While Owens was the subject of a 1984 made-for-TV movie starring Dorian Harewood, it’s somewhat puzzling that there hasn’t been a theatrically-released biopic made about him until now. All the ingredients for a supremely compelling story are right there, and it seems like a natural awards contender project, so it’s also somewhat puzzling that it’s being released in March, right after the Oscars actually take place. The film’s title, Race, tells you most of what you need to know about its approach. While Owens’ identity as a black man in the 30s definitely figured heavily into his career, the movie seems more concerned with being a political statement than actually shedding light on the person himself. Instead of the racial politics of the era being a backdrop to the biographical drama, it’s the other way around.

For a film about one of the most famous runners of all time, Race is often flat-footed, its handling of the talking-point big issues earnest but clumsy. There’s a predictable formula to Owens’ journey but then again, this is a sports movie and said formula exists for a reason after all. While general audiences might be fuzzy on the minutiae of Owens’ life and times, they should have a rough idea of the basics: he represents the U.S. in the 1936 Summer Olympics in Berlin, clinches four gold medals and leaves Hitler and the Nazi regime with egg on its face, discrediting the notion of non-Aryan inferiority. At 135 minutes, Race is definitely too long. Excessive time is dedicated to the subplot of whether or not the U.S. will boycott the Olympics, and the question of Owens’ participation in the Games is played for suspense, when we all know he did end up on the team. The establishing shots of Berlin are accompanied by almost-comically ominous music and there’s a lot of effort taken to demonstrate that the Nazis were evil. Well, duh.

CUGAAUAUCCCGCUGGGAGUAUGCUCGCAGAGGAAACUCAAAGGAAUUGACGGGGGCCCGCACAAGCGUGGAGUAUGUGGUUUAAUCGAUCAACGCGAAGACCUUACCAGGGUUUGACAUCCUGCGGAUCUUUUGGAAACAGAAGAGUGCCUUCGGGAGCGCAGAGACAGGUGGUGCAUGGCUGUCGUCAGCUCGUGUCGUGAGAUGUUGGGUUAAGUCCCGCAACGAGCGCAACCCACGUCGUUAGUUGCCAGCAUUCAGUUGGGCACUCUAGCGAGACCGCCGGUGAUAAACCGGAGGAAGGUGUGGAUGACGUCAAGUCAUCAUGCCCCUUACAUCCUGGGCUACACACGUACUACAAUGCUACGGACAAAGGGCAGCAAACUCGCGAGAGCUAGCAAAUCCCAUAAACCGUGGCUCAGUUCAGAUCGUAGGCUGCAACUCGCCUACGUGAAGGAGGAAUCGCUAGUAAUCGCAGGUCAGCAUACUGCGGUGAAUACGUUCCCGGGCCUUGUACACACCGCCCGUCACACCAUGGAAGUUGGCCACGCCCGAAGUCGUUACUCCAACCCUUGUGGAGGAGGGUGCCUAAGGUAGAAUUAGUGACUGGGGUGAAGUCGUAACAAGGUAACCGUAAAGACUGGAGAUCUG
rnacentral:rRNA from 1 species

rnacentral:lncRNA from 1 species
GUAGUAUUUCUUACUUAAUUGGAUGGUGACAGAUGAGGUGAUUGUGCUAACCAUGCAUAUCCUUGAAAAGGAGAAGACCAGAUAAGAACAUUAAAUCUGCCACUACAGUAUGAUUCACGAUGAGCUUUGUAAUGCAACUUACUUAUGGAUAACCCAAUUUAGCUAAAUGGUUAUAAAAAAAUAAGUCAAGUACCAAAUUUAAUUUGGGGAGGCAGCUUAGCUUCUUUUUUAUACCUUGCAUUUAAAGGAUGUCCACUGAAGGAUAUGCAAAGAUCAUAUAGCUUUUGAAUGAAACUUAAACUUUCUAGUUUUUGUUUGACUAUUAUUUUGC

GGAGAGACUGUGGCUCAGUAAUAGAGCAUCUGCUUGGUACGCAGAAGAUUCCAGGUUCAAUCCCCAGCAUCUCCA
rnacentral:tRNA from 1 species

Young Canadian actor James, who replaces the initially-cast John Boyega, ably carries the film with a steadfast portrayal of Owens. Owens is gifted but also disciplined, yet far from superhuman and infallible. There’s a nervous energy and a welcome lack of cockiness, since star athletes are often portrayed as hybrid underdog divas. While the film surrounding him can come off as rote, there is a freshness and honesty that James brings to the table. Unfortunately, as is often the case with films of this type, the romantic subplot with Ruth (Shanice Banton), the mother to Owens’ daughter, feels largely extraneous.